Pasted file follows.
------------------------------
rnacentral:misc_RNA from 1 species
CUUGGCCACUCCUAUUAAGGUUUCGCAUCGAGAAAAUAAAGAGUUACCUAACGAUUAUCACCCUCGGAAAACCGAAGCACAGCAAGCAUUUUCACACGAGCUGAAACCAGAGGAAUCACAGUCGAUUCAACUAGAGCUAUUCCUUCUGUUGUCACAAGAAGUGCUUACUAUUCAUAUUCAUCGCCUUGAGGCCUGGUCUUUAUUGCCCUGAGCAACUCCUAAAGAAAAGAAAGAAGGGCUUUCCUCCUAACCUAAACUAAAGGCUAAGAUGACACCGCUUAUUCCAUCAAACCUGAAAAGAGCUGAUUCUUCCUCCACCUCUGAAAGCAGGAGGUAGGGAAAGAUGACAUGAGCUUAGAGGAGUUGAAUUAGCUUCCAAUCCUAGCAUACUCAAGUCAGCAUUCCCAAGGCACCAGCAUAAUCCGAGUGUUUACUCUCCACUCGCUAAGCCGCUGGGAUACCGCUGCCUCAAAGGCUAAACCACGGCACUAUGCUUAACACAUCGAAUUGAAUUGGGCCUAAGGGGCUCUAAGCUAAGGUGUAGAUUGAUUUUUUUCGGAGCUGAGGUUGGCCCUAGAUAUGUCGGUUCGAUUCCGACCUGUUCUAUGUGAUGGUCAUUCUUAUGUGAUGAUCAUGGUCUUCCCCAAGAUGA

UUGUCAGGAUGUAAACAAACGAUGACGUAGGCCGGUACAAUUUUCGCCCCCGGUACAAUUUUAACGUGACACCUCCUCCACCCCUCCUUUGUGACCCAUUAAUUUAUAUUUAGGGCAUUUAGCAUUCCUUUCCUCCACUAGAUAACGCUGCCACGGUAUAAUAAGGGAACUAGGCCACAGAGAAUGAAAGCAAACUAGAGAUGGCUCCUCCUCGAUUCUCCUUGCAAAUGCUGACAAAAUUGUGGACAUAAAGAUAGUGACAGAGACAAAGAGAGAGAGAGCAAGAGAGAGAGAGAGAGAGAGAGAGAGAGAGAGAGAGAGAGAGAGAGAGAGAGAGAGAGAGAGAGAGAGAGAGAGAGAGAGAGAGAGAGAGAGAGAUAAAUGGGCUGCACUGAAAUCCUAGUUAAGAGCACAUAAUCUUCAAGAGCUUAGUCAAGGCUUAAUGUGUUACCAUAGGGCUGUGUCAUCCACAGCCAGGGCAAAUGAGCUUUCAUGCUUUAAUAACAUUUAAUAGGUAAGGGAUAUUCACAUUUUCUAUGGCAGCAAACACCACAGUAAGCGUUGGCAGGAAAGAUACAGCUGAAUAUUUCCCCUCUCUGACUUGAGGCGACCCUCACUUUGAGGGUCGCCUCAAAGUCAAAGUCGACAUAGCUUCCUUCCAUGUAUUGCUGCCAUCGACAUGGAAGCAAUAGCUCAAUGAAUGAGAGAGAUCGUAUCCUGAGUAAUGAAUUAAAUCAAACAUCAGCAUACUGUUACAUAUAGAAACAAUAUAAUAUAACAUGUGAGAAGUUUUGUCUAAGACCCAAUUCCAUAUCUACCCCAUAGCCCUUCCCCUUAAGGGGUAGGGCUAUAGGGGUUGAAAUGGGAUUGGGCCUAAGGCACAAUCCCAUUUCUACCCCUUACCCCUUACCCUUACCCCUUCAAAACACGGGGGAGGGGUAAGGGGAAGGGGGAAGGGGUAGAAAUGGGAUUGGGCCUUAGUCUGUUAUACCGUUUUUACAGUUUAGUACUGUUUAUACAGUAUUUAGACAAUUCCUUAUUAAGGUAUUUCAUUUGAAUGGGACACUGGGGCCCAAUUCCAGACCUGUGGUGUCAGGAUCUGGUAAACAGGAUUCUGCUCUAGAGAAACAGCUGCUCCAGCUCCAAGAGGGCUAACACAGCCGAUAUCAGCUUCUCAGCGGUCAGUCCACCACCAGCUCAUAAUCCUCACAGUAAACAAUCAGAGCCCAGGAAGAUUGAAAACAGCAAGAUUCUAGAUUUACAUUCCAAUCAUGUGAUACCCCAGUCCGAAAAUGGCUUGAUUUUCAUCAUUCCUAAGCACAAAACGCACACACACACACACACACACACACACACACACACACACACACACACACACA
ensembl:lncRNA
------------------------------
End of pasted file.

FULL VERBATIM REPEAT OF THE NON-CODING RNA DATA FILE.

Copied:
rnacentral:misc_RNA from 1 species
CUUGGCCACUCCUAUUAAGGUUUCGCAUCGAGAAAAUAAAGAGUUACCUAACGAUUAUCACCCUCGGAAAACCGAAGCACAGCAAGCAUUUUCACACGAGCUGAAACCAGAGGAAUCACAGUCGAUUCAACUAGAGCUAUUCCUUCUGUUGUCACAAGAAGUGCUUACUAUUCAUAUUCAUCGCCUUGAGGCCUGGUCUUUAUUGCCCUGAGCAACUCCUAAAGAAAAGAAAGAAGGGCUUUCCUCCUAACCUAAACUAAAGGCUAAGAUGACACCGCUUAUUCCAUCAAACCUGAAAAGAGCUGAUUCUUCCUCCACCUCUGAAAGCAGGAGGUAGGGAAAGAUGACAUGAGCUUAGAGGAGUUGAAUUAGCUUCCAAUCCUAGCAUACUCAAGUCAGCAUUCCCAAGGCACCAGCAUAAUCCGAGUGUUUACUCUCCACUCGCUAAGCCGCUGGGAUACCGCUGCCUCAAAGGCUAAACCACGGCACUAUGCUUAACACAUCGAAUUGAAUUGGGCCUAAGGGGCUCUAAGCUAAGGUGUAGAUUGAUUUUUUUCGGAGCUGAGGUUGGCCCUAGAUAUGUCGGUUCGAUUCCGACCUGUUCUAUGUGAUGGUCAUUCUUAUGUGAUGAUCAUGGUCUUCCCCAAGAUGA

UUGUCAGGAUGUAAACAAACGAUGACGUAGGCCGGUACAAUUUUCGCCCCCGGUACAAUUUUAACGUGACACCUCCUCCACCCCUCCUUUGUGACCCAUUAAUUUAUAUUUAGGGCAUUUAGCAUUCCUUUCCUCCACUAGAUAACGCUGCCACGGUAUAAUAAGGGAACUAGGCCACAGAGAAUGAAAGCAAACUAGAGAUGGCUCCUCCUCGAUUCUCCUUGCAAAUGCUGACAAAAUUGUGGACAUAAAGAUAGUGACAGAGACAAAGAGAGAGAGAGCAAGAGAGAGAGAGAGAGAGAGAGAGAGAGAGAGAGAGAGAGAGAGAGAGAGAGAGAGAGAGAGAGAGAGAGAGAGAGAGAGAGAGAGAGAGAGAGAUAAAUGGGCUGCACUGAAAUCCUAGUUAAGAGCACAUAAUCUUCAAGAGCUUAGUCAAGGCUUAAUGUGUUACCAUAGGGCUGUGUCAUCCACAGCCAGGGCAAAUGAGCUUUCAUGCUUUAAUAACAUUUAAUAGGUAAGGGAUAUUCACAUUUUCUAUGGCAGCAAACACCACAGUAAGCGUUGGCAGGAAAGAUACAGCUGAAUAUUUCCCCUCUCUGACUUGAGGCGACCCUCACUUUGAGGGUCGCCUCAAAGUCAAAGUCGACAUAGCUUCCUUCCAUGUAUUGCUGCCAUCGACAUGGAAGCAAUAGCUCAAUGAAUGAGAGAGAUCGUAUCCUGAGUAAUGAAUUAAAUCAAACAUCAGCAUACUGUUACAUAUAGAAACAAUAUAAUAUAACAUGUGAGAAGUUUUGUCUAAGACCCAAUUCCAUAUCUACCCCAUAGCCCUUCCCCUUAAGGGGUAGGGCUAUAGGGGUUGAAAUGGGAUUGGGCCUAAGGCACAAUCCCAUUUCUACCCCUUACCCCUUACCCUUACCCCUUCAAAACACGGGGGAGGGGUAAGGGGAAGGGGGAAGGGGUAGAAAUGGGAUUGGGCCUUAGUCUGUUAUACCGUUUUUACAGUUUAGUACUGUUUAUACAGUAUUUAGACAAUUCCUUAUUAAGGUAUUUCAUUUGAAUGGGACACUGGGGCCCAAUUCCAGACCUGUGGUGUCAGGAUCUGGUAAACAGGAUUCUGCUCUAGAGAAACAGCUGCUCCAGCUCCAAGAGGGCUAACACAGCCGAUAUCAGCUUCUCAGCGGUCAGUCCACCACCAGCUCAUAAUCCUCACAGUAAACAAUCAGAGCCCAGGAAGAUUGAAAACAGCAAGAUUCUAGAUUUACAUUCCAAUCAUGUGAUACCCCAGUCCGAAAAUGGCUUGAUUUUCAUCAUUCCUAAGCACAAAACGCACACACACACACACACACACACACACACACACACACACACACACACACACA
ensembl:lncRNA